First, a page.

Camera: Canon 400D with Sigma 17-70/f2.8-4.5

WuYiShan is an UNESCO site for its large well-preserved subtropical native forests. It is dotted with many sheer rock peeks that just seem to jut vertically skywards, caves and a clear emerald river meandering in its midst. Its UNESCO status is also awarded for its historical and cultural heritage, with remains of a 2,000 years old city, cliff-side sculptured calligraphies and the home and an academy established by a renowned Song Dynasty philosopher. It is worth spending a day or two exploring the scenic area as there are many opportunities to explore and hike in the back mountains, away from the major tourist routes. This area is a major tea plantation area with its unique tea species and so there are always few villagers tending to their plots during the day; therefore it is easy to ask for directions if one speaks Chinese. In fact it is NOT difficult to avoid paying the entrance fee by entering the park by hiking the hills. However the best panoramas and viewpoints are to be found in the main tourist routes


March 20, 2009

Monument dedicated to Peace in 32 languages near Eiffel Tower

Location: Wall for Peace near Eiffel Tower, Paris, France, (48° 51′ 29.88″ N, 2° 17′ 40.2″ E)
Date: 1 March 2006; 12.10pm
Camera: Canon 300D with Sigma 70-200/f2.8

The Wall of Peace is a glass and metal monument to peace is located at the foot of the Eiffel Tower on the Parc du Champs de Mars. The glass features the word "peace" written in 32 languages and 18 alphabets. Visitors are allowed to put their own messages in the chinks of the wall. The monument erected on 30 March 2000 was supposedly meant to stay for only four months and then moved to other Paris neighbourhoods. However it never did, to the chagrin of nearby neighbourhood residents who complained that it spoils the view. Personally I thought it was a cool and meaningful addition to the attraction.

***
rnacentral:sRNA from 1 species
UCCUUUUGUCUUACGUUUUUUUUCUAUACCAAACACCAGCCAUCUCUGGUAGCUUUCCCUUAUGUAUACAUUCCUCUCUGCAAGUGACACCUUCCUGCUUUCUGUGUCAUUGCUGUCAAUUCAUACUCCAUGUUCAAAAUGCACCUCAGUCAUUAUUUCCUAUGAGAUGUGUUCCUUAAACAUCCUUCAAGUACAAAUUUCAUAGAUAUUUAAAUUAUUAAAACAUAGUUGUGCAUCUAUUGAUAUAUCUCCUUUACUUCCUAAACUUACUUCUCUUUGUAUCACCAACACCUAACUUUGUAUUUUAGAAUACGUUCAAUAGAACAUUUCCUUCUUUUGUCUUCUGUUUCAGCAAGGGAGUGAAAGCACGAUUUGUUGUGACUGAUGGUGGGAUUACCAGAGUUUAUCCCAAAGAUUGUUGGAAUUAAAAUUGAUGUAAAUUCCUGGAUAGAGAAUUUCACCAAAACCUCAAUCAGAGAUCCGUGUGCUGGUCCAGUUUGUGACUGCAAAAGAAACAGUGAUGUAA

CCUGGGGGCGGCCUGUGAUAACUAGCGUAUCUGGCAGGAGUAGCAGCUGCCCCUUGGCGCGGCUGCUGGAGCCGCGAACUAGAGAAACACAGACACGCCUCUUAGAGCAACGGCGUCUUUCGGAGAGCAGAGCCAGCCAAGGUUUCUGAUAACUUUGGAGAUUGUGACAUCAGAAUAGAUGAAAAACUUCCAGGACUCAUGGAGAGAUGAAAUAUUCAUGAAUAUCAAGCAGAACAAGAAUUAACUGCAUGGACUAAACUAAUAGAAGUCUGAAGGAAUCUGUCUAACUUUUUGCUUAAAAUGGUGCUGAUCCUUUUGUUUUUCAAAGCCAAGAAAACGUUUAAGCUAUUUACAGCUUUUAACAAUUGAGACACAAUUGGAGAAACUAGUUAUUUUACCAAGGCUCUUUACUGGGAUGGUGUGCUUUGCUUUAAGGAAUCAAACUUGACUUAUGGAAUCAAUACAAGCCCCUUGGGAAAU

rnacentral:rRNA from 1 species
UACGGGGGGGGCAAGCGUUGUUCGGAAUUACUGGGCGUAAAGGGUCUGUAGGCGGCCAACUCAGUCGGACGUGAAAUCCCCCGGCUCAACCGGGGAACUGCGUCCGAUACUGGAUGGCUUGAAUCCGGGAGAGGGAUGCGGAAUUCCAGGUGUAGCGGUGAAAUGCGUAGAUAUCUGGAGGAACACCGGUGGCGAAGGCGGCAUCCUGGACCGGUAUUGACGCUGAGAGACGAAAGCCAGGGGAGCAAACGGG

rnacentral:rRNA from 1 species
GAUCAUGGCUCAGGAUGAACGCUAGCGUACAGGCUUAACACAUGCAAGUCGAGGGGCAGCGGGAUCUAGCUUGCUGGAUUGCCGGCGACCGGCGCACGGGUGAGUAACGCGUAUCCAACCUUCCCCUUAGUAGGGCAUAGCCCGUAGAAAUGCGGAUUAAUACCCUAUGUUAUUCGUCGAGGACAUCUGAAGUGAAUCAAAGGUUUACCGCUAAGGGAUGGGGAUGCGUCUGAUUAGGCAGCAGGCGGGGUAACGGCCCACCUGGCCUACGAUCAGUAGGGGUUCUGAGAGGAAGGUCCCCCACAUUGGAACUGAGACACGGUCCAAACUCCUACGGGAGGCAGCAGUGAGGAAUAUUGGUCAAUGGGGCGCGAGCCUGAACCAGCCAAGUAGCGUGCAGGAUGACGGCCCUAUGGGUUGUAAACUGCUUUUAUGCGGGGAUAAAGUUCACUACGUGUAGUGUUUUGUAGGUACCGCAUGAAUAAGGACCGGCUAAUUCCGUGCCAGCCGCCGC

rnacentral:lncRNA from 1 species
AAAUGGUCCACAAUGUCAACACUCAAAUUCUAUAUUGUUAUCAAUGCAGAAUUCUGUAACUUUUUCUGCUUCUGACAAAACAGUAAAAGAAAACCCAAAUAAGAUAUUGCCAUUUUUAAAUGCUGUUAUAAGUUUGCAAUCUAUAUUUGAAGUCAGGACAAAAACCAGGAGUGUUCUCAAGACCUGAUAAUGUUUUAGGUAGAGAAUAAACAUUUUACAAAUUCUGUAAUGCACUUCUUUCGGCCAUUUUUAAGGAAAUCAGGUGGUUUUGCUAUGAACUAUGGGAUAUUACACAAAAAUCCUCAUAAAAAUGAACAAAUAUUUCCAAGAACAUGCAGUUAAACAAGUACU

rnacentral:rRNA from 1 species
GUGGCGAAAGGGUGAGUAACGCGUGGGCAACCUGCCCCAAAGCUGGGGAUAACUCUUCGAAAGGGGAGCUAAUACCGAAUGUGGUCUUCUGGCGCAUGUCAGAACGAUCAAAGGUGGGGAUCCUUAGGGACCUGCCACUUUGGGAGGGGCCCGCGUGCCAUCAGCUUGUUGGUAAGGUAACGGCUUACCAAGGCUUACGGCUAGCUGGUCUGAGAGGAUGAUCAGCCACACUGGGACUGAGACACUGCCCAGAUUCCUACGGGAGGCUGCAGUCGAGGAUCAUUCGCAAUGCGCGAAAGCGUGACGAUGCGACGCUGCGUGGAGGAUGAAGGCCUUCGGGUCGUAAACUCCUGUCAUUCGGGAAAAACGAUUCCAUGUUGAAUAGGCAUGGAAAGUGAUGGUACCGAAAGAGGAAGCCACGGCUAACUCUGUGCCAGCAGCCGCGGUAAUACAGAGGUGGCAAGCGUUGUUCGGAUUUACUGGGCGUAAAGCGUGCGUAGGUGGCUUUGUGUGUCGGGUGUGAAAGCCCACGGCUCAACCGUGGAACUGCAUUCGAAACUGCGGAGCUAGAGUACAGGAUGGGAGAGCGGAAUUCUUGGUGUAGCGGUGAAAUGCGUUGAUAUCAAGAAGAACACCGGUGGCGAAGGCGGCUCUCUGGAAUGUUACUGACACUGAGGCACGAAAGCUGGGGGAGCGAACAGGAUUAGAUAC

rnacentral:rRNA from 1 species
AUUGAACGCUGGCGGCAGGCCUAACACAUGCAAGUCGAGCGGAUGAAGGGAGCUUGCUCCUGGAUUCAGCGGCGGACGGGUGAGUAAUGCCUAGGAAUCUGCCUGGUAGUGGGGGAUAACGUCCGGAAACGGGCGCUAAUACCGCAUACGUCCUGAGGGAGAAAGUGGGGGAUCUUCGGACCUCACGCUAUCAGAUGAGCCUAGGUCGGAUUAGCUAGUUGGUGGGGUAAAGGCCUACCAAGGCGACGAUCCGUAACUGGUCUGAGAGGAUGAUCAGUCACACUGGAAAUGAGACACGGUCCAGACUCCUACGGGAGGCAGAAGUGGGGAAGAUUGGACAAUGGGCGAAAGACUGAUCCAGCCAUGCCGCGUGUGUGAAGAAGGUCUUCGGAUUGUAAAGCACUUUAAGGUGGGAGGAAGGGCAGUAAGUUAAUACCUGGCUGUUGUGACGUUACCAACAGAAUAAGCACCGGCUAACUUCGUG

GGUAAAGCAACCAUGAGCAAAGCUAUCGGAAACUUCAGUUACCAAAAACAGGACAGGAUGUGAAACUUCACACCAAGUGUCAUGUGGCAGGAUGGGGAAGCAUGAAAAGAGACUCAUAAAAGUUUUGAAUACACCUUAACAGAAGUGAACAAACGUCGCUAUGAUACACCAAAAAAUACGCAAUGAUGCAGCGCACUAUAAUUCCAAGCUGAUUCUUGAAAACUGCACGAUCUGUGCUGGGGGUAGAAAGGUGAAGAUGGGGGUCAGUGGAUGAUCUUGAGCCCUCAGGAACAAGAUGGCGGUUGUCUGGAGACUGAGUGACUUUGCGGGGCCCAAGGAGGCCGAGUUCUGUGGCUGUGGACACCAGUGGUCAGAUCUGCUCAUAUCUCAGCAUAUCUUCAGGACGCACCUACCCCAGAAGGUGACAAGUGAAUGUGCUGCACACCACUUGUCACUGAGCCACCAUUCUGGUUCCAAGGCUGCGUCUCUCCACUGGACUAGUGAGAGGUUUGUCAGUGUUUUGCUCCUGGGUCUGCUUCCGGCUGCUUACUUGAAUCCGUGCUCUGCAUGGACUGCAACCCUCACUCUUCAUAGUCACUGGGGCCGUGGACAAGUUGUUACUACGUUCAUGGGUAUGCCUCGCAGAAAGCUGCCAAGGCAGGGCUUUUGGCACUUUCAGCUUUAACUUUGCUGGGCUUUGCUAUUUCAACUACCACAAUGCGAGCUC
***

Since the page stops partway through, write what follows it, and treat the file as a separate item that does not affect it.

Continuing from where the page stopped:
March 18, 2009

Nightscape of Melbourne along the Yarra River

Location: Yarra River, Melbourne, Victoria, Australia (37° 49′ 5.08″ S, 144° 58′ 0.52″ E)
Date: 20 May 2008, 8.10pm
Camera: Canon 400D with Sigma 17-70/f2.8-4.5

The Yarra River runs right through Melbourne, the capital of Victoria State. The river is the focal point of outdoor activities and events as well as the concentration of its skyscrapers at Federation Square. Immediately next to it is the city's central railway station, Flinders Street Station right beside the river. The station built in 1864 and expanded over the years covers two city blocks. The Southbank across the river from the station is a pleasant place to walk in the evening with great night views of the city lights. Melbourne, as with most, if not all of Australasian cities, is a safe city to wonder around alone at night.


March 16, 2009

Typical scenery in Ngaungshwe villages, Myanmar